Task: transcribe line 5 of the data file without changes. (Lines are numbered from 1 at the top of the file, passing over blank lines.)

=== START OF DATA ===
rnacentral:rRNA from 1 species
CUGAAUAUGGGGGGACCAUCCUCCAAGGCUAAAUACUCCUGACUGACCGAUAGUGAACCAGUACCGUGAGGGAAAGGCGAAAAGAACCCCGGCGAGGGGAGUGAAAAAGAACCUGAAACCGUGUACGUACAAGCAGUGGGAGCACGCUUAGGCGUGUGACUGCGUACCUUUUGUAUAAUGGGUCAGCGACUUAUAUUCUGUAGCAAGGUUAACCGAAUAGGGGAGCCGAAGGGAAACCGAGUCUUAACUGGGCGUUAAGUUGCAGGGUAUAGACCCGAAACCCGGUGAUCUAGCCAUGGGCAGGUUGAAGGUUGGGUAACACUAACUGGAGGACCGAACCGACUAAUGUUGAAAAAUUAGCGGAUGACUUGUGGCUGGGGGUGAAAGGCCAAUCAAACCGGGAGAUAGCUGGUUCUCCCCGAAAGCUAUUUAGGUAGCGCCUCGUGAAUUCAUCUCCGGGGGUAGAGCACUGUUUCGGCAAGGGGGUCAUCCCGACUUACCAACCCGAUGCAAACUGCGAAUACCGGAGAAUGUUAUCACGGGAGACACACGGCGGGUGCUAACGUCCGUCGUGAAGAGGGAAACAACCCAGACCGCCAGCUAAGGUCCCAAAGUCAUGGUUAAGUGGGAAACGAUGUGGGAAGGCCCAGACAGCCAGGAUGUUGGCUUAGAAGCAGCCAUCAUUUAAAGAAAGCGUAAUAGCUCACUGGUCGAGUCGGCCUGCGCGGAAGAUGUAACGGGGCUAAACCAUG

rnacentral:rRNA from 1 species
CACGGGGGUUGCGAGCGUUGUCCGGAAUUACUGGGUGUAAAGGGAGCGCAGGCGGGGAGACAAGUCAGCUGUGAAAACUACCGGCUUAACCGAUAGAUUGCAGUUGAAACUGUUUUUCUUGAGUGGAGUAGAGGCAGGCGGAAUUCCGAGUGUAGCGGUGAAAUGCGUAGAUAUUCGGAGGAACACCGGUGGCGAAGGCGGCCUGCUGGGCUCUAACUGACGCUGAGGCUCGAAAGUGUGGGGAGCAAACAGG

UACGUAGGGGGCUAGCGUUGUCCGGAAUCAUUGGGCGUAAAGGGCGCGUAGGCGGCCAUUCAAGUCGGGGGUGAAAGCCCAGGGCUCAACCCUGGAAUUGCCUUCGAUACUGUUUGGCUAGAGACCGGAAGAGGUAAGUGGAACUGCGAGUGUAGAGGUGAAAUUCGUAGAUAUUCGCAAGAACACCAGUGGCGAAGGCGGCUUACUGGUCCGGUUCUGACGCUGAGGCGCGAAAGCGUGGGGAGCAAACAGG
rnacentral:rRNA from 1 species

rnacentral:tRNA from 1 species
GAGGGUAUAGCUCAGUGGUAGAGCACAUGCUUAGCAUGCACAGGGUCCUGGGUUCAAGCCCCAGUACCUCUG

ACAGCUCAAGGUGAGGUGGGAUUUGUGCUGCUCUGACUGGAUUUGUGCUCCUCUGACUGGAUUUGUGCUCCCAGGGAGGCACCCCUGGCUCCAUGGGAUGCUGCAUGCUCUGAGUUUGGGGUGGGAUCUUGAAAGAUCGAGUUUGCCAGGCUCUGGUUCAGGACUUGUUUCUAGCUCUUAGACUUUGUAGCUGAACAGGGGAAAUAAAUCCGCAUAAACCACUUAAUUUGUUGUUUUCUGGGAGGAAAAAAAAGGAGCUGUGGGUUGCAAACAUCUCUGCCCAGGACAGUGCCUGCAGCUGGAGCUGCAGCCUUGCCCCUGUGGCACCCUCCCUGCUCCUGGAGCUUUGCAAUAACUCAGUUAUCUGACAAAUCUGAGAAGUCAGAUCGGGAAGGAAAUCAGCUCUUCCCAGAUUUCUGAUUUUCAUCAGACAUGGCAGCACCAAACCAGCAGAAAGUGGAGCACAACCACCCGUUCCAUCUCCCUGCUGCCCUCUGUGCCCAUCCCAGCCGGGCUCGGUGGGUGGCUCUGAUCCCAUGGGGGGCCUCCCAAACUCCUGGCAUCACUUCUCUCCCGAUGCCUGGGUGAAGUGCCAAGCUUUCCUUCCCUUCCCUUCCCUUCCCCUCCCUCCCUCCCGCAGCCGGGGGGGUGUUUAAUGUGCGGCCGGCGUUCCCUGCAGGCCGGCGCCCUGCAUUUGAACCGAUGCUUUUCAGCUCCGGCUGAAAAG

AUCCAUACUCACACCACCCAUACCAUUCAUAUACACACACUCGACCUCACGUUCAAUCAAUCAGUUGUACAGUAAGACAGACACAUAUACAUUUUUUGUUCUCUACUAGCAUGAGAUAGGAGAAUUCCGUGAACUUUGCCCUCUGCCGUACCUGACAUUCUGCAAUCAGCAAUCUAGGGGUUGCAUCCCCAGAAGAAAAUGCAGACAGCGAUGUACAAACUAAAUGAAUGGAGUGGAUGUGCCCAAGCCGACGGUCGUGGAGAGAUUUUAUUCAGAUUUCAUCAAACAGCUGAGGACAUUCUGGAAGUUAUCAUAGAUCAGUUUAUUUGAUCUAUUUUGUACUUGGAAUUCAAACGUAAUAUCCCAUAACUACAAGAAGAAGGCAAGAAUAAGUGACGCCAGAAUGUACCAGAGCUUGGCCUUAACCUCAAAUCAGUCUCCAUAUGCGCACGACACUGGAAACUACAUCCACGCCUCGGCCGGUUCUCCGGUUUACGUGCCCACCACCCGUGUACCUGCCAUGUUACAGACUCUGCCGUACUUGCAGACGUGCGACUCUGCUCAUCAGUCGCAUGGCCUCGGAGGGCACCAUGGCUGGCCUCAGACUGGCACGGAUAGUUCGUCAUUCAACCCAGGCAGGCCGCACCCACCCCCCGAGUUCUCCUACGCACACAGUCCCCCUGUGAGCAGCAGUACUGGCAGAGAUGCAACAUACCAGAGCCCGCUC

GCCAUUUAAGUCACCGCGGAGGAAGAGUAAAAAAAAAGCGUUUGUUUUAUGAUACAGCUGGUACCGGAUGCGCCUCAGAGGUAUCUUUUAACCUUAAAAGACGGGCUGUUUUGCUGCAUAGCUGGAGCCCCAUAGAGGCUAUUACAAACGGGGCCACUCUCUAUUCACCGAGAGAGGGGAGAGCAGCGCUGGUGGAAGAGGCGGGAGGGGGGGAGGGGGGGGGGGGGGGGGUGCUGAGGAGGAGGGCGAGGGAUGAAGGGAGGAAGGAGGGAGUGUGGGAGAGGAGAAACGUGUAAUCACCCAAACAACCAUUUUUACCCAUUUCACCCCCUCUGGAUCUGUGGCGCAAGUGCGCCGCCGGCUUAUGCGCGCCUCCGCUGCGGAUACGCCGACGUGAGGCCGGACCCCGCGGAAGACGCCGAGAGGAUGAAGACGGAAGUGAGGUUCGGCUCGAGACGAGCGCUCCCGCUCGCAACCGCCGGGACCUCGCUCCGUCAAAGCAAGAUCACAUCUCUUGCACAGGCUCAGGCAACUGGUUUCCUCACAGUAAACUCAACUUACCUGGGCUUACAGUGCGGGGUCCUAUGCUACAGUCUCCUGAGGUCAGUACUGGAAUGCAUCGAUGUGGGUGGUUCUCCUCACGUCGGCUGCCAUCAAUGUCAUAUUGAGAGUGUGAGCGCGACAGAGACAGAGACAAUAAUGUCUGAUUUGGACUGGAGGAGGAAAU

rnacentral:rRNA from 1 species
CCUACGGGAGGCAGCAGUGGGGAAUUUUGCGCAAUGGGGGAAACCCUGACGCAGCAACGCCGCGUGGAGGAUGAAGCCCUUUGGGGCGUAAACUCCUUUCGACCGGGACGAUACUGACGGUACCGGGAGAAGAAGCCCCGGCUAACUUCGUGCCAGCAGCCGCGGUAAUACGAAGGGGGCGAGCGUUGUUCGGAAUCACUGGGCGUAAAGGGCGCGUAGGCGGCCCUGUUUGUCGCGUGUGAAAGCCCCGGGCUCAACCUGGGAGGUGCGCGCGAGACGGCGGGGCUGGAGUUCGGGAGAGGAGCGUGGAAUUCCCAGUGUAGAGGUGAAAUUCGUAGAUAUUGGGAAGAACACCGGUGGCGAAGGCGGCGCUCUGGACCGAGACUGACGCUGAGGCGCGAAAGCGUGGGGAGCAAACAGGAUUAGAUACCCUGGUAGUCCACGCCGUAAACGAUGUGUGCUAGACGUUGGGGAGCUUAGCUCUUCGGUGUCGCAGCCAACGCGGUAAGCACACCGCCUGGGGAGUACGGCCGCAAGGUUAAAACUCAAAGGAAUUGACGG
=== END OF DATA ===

UACGUAGGGGGCUAGCGUUGUCCGGAAUCAUUGGGCGUAAAGGGCGCGUAGGCGGCCAUUCAAGUCGGGGGUGAAAGCCCAGGGCUCAACCCUGGAAUUGCCUUCGAUACUGUUUGGCUAGAGACCGGAAGAGGUAAGUGGAACUGCGAGUGUAGAGGUGAAAUUCGUAGAUAUUCGCAAGAACACCAGUGGCGAAGGCGGCUUACUGGUCCGGUUCUGACGCUGAGGCGCGAAAGCGUGGGGAGCAAACAGG